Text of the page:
Even tech workers can’t afford NYC rentals

Only 1 in 3 apartments is affordable for industry employees

Even Tech Workers Can’t Afford NYC Rentals

(Photo Illustration by The Real Deal with Getty)

Not even those who work in one of the more lucrative industries in the country can afford to rent an apartment in New York City.

The city’s tech workers could only afford about 35 percent of the rentals available on the market last year, according to a report from Tech:NYC and StreetEasy. 

That’s significantly better than what the average worker can afford in the city, but still indicative of how high rents are pricing out all walks of life.

For an entry-level professional, only 2.1 percent of studios and one-bedroom units were affordable last year. 

The study defined “affordable”  as apartments costing less than 30% of gross annual income, the threshold for being rent-burdened as used by the U.S. Department of Housing and Urban Development. 

StreetEasy data shows only 10.7% of market-rate rentals in NYC were priced below the affordable amount ($2,216), as per the average gross annual wage ($88,647) in 2023. To comfortably afford the city’s median asking rent ($3,475), one would need to be earn $139,000 annually.

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While Manhattan was prohibitively unaffordable to entry-level tech workers, nearly half of the 274 units noted in Staten Island — essentially a world away from most offices — were accessible. Still, the general lack of affordability could send workers elsewhere to start their careers, a potential brain drain for the city.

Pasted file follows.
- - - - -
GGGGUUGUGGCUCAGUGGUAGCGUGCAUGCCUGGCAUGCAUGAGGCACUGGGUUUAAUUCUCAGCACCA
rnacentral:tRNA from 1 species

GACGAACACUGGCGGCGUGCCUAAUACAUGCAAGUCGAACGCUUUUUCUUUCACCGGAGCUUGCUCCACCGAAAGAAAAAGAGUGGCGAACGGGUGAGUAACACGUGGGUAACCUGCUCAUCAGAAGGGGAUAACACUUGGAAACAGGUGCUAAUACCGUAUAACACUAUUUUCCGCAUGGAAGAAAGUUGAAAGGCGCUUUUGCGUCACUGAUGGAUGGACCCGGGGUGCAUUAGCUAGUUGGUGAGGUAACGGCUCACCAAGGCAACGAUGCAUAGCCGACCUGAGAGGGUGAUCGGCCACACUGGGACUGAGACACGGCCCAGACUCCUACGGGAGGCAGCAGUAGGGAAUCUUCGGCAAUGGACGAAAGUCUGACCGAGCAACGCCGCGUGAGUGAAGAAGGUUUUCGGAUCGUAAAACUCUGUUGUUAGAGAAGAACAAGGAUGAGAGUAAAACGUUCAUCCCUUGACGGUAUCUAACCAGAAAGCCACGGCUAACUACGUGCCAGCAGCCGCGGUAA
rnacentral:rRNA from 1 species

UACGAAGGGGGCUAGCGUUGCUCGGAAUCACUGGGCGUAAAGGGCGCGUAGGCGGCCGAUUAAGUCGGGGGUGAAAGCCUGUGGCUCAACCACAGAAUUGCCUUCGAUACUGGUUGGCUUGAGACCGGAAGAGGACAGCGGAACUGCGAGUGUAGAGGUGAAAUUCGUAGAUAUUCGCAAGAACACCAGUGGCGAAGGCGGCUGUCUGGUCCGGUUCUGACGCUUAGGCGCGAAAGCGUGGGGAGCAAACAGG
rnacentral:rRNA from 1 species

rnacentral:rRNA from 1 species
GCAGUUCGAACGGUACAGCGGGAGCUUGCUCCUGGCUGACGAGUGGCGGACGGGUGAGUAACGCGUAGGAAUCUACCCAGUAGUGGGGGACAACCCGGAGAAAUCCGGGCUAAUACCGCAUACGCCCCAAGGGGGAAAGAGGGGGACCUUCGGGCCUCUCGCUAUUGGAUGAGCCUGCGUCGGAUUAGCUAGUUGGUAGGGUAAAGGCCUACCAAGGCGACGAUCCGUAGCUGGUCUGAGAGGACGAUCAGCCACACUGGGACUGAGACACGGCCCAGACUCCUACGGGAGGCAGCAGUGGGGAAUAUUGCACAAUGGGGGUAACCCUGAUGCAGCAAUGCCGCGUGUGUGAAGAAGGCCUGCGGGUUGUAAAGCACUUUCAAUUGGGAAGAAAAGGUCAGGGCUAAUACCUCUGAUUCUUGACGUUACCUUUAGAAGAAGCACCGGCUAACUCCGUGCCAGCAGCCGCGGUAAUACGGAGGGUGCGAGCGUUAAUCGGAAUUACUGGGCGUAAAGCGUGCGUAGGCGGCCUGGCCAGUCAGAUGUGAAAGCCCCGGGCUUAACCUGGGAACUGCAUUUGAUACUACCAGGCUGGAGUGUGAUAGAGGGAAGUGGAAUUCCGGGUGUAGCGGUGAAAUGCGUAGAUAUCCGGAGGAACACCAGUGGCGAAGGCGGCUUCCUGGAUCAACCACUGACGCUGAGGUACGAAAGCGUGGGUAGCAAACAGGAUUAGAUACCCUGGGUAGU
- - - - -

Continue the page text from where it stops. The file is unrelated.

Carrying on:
New Yorkers who earned the city’s average annual wage last year could only afford 5 percent of the market’s rental units. Essential workers earning the average wage in their field couldn’t even afford 1 percent of the rentals available.

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“Housing affordability has been a persistent barrier – and top priority – for all New Yorkers, from the essential workers keeping our city running to the tech workers powering New York’s fastest-growing industry,” Tech:NYC president Julie Samuels said in a statement.

The report poses a few solutions for making the rental market more affordable for all New Yorkers, including zoning reform, eliminating parking requirements, increasing Manhattan’s floor-to-area ratio and revamping the upfront costs associated with renting.

A recent report from Zillow and StreetEasy revealed that rents in New York City grew seven times faster than wages last year, creating the widest disparity in the country. Since 2019, New York City rents have risen by 27.5 percent, while wages have grown by only 11.2 percent.